Azeri Activists Arrested In Iran Over Lake Protest


RFE/RL – Several Azeri activists in Iran have been arrested after calling on people to participate in the latest protest over the drying up of Lake Orumieh, RFE/RL’s Radio Farda reports.

The Association for the Defense of Azerbaijani Political Prisoners in Iran (ADAPP) said on September 14 that the activists were detained after distributing leaflets urging people to take part in a protest in the northwestern city of Ardebil on September 19.

ADAPP said that activists Abbas Lesani, Asgar Akbarzadeh, Moslem Akbarzadeh, Ebrahim Rashidi, Hassan Karimzadeh, Isa Azizi, Nosratollah Valizadeh, Rahim Gholami, Hamid Ghovati, Ali Kheirjou, Mehdi Osouli, Ali Babaie, and Babak Javanshir were among those taken into custody.

Akbarzadeh, who is also a student activist, was arrested by security forces on September 8, while Lesani, a civil activist and former political prisoner, was detained by security forces on September 9 without an arrest warrant.

Lake Orumieh, a salt lake located in Iran’s East Azerbaijan and West Azerbaijan provinces, is drying up and turning into a salt marsh.

There have been repeated demonstrations by several thousand people in recent weeks in the two provinces against the increasing aridity of the lake.

Security forces used violence to disperse those protests and arrested dozens of participants.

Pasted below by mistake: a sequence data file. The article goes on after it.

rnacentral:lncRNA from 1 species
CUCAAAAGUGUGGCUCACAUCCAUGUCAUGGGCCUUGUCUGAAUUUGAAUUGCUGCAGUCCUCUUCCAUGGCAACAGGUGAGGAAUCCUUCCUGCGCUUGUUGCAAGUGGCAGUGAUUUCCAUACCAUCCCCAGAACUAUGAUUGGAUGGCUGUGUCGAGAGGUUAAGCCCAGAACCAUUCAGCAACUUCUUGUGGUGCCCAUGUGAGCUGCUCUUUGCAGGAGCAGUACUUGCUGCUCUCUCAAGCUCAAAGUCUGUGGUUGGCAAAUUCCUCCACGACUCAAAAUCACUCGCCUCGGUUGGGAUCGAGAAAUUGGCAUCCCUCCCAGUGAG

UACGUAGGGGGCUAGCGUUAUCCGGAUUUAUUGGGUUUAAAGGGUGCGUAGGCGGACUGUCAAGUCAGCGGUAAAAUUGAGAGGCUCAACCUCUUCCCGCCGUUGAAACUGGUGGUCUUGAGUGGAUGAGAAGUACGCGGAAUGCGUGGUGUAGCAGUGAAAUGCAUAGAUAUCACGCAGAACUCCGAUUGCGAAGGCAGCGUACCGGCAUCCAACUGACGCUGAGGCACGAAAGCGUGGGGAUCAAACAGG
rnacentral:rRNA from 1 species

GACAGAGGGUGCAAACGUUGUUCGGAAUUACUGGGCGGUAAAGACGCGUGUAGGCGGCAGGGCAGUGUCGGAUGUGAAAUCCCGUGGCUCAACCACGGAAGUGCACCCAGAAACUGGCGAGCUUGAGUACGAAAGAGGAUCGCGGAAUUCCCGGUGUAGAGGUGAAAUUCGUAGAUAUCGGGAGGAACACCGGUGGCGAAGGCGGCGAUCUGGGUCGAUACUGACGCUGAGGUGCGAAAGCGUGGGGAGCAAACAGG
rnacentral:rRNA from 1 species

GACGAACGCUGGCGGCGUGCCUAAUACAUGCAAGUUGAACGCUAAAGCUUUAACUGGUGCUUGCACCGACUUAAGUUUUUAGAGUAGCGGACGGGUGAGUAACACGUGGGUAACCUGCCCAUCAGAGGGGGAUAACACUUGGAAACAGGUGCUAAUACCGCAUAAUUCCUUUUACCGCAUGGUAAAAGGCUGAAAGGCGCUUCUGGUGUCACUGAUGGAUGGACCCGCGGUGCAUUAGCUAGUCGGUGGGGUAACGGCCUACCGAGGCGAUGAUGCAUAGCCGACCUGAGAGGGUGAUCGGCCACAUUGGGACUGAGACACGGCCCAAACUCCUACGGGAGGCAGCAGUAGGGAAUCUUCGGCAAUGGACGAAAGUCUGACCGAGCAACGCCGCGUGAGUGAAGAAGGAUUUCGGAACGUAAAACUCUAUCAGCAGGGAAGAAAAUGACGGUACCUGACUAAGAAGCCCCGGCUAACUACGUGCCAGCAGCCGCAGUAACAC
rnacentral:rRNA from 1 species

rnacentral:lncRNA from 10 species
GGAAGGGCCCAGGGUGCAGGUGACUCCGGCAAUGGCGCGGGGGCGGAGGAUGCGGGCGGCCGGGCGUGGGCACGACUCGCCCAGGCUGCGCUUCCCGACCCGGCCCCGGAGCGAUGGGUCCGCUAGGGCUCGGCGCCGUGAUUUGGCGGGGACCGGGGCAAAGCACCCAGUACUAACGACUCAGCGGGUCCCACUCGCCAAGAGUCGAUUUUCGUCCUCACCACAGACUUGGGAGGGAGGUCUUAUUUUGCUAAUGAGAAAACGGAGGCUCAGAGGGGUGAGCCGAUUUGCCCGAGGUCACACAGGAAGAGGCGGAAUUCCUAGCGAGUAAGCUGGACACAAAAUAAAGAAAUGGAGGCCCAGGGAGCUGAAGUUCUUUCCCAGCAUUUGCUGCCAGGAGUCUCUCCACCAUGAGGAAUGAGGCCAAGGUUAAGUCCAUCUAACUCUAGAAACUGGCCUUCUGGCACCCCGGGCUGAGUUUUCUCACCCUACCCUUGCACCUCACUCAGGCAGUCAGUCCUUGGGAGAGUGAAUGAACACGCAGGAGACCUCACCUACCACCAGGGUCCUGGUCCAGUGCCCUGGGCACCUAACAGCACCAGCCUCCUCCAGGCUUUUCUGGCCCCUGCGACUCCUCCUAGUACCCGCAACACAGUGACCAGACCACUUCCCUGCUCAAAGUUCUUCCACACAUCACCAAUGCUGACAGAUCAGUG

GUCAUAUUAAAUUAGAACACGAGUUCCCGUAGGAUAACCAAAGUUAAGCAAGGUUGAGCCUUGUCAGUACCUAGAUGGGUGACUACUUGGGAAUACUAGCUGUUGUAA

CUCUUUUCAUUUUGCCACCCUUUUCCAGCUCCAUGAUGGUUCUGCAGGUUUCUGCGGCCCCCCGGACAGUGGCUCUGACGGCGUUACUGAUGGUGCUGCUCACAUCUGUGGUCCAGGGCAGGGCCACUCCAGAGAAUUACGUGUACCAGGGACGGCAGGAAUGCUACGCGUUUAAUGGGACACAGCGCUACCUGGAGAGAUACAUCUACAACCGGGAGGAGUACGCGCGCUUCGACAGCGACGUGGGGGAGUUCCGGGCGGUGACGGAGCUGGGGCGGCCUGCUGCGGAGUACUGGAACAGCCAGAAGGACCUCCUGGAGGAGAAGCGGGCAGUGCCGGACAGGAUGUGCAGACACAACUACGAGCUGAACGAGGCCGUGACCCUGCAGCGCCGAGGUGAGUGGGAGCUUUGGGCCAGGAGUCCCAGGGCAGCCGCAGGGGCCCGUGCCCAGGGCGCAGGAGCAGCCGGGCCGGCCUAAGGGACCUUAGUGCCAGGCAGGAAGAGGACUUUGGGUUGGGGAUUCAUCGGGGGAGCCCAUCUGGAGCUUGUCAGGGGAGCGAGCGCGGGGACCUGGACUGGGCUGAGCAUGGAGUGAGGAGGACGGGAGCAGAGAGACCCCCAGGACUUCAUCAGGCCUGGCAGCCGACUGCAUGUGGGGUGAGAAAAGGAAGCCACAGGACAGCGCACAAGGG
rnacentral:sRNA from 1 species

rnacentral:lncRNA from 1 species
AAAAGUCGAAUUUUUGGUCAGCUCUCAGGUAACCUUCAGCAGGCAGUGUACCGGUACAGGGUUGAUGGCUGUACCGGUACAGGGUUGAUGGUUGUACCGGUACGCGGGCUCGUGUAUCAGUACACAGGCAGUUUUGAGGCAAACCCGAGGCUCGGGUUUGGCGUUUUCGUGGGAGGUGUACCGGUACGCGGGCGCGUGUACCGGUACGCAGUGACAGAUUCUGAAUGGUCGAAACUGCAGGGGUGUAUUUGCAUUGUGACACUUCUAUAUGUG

Activists say that if the present process continues the lake could disappear completely within three years, leaving billions of tons of salt that will pose a health hazard to the local population and make parts of the region uninhabitable for the some 14 million people who live there.

Environmentalists believe the construction of hydroelectric dams on rivers that are tributaries of the lake is the primary cause of the reduction in its size.

Environmentalist Esmail Kahrom told Radio Farda recently that some 35 dams have been built on 21 rivers that feed Lake Orumieh, and 10 more are currently under construction.

“This means Lake Orumieh has been deprived of 5.5 billion cubic meters of water annually,” Kahrom said.

Kahrom also mentioned evaporation, drought, and the construction of a highway which crosses Lake Orumieh as other contributing factors to the decrease in its water levels.



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